Now, a rational man would have snapped back to reality. A rational man would have realized that his job – editing two Mobile ESPN commercials starring annual fantasy stud Shaun Alexander and 2006 fantasy mirage Reggie Bush -- was far more important than a third round pick . . . in a mock draft . . . in early July. A rational man has a baby on the way and, if he lost said job due to counterproductive mock drafting, he would be in serious trouble.
I am not a rational man.
“I’ll meet you over there,” I snap. Dammit, can’t you see that I’m trying to concentrate here! Will Boldin slip past my clueless co-drafters by some incredible miracle?
Poof. At 3.4 Boldin disappears as if to say, “Yeah, nice try, jackass.” Then Hines Ward goes at 3.5, a mini WR run at hand. Steve sighs. The all-too-familiar ESPN SportsCenter tone rings out, telling me I’m up. Pick 3.6 is waiting. I have a minute-thirty to decide. Reggie Wayne is still there. So is Jamal. So is Willie. And so is friggin Steve.
“Lemme get this straight,” he teases, only half-kidding (the other half is seriously worried for my mental well-being). “You’re making us late because you’re playing fantasy fantasy football?”
I say nothing. He’s right, though. This is indeed fake fake football. But I don’t care. Wayne practically begs to be chosen. Yo, book boy, T.O. and I would put up mad points for you! My boy Peyton’s looking for me all day long! If you take that broken down, orange jumpsuit-wearing jailbird Jamal instead of me, you’ll regret it all season! Dude, don’t forget, you get bonuses for long touchdowns in the FFL! Good Lord, now even Reggie Wayne is calling me dude.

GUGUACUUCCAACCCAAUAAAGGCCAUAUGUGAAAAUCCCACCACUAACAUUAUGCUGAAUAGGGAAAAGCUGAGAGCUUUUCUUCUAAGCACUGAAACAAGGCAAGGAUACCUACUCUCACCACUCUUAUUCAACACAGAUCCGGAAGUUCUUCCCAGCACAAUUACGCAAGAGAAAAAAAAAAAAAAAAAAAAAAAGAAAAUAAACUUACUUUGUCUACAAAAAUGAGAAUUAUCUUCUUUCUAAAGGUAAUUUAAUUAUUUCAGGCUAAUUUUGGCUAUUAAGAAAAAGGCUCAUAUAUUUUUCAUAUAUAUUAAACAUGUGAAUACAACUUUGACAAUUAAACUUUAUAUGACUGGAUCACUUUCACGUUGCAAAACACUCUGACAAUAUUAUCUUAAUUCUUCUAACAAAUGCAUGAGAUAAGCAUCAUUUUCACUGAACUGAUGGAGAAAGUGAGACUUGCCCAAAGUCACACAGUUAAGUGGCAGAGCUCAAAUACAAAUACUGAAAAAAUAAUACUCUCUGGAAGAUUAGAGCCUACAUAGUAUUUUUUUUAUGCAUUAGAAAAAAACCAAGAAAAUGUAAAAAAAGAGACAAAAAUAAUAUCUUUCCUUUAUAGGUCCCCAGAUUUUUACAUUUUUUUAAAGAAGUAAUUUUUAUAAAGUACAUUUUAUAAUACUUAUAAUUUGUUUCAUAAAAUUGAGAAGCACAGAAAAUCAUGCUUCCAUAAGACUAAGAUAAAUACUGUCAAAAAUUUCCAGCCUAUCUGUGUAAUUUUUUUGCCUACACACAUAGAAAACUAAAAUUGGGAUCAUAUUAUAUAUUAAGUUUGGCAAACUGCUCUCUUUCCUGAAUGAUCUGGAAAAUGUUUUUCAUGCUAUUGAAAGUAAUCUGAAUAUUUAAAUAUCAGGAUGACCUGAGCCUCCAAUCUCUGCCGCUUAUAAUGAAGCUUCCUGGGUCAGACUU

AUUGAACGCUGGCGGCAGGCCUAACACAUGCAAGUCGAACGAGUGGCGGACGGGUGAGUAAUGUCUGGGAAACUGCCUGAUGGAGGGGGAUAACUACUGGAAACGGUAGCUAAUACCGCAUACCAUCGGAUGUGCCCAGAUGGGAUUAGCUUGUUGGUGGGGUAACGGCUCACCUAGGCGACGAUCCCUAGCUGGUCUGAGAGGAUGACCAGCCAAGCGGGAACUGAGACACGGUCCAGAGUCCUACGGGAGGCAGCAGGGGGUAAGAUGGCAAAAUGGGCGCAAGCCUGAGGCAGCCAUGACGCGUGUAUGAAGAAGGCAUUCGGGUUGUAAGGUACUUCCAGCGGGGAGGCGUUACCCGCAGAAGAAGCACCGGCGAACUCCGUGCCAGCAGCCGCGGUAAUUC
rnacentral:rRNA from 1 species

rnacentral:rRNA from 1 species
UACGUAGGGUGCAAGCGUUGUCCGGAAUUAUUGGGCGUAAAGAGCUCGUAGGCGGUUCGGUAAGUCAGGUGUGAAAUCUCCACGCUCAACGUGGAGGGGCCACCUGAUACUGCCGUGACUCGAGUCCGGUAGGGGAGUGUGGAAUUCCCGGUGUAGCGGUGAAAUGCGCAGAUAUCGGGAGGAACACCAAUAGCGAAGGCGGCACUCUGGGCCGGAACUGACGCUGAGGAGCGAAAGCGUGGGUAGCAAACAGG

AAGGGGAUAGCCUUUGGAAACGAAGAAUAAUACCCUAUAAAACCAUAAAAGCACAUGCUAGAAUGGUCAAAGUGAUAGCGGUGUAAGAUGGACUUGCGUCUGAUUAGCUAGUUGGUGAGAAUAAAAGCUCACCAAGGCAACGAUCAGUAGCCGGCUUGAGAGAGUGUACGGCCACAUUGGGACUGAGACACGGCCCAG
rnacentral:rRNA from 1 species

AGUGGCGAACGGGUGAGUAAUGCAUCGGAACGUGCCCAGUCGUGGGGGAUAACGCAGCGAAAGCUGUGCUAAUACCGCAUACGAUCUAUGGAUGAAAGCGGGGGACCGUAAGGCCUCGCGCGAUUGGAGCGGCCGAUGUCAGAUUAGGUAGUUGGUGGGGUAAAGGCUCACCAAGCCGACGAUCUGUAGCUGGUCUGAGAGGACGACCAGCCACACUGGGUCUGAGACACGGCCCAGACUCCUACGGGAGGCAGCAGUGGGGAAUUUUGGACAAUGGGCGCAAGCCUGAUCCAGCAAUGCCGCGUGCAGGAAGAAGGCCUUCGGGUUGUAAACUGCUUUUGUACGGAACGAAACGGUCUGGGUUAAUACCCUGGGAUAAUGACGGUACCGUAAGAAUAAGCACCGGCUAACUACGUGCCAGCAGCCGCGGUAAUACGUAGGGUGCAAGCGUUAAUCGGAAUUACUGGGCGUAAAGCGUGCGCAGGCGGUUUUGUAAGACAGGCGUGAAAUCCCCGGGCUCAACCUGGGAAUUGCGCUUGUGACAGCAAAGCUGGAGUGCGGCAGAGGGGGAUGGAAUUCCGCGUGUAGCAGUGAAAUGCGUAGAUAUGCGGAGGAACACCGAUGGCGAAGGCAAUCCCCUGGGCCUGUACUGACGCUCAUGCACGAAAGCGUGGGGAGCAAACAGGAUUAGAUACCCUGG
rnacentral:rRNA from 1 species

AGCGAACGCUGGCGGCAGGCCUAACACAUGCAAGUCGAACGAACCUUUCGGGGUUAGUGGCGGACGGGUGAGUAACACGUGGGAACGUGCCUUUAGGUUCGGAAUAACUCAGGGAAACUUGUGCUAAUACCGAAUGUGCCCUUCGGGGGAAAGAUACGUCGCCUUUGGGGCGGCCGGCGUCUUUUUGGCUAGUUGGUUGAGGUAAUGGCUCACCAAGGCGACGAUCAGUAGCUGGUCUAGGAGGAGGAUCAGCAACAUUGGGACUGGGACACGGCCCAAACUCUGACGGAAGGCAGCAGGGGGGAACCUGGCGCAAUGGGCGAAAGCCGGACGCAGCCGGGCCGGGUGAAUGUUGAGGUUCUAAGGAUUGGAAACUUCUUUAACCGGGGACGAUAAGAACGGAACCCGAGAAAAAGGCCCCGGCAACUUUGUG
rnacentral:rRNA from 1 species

“That's even more pathetic than real fantasy football,” Steve scoffs. This is a strong statement coming from him. Steve is about as addicted as I am. He was one of the guys who brought me into the Felon League in the first place, a decision he likely now regrets, as it just might get him fired, too.
But why do we FF junkies do mock drafts in the first place? Why do we insist upon playing fantasy fantasy football in early July, several weeks before our real fake football drafts? Mocks are even less real than the real fake thing! Well, one answer is this: duh, to prepare. It’s our training camp, our mental equivalent of pushing tackling sleds and doing high-kneed sprints through radial tires. If you show up in mid-August looking Tony Siragusa-bloated and carrying one lame magazine with an outdated cheat sheet that still has Gus Frerotte starting for the Dolphins, you’ll end up drafting . . .well, Gus Frerotte. Mocks whip our asses into shape after the long, cold, baseball- and Dancing with the Stars-filled off-season, even though the teams we mock draft disintegrate into nothing the second the mock is over. You admire your solid Matt Hasselbeck, Lamont Jordan, Kevin Jones, Hines Ward, Darrell Jackson, Randy McMichael, Jeff Wilkins, Steelers D squad for one shining moment, and then forget them and move on to your next fake fake team. Mocks are like drinking decaf coffee -- tastes just as good going down, but doesn’t give you any true jolt afterward.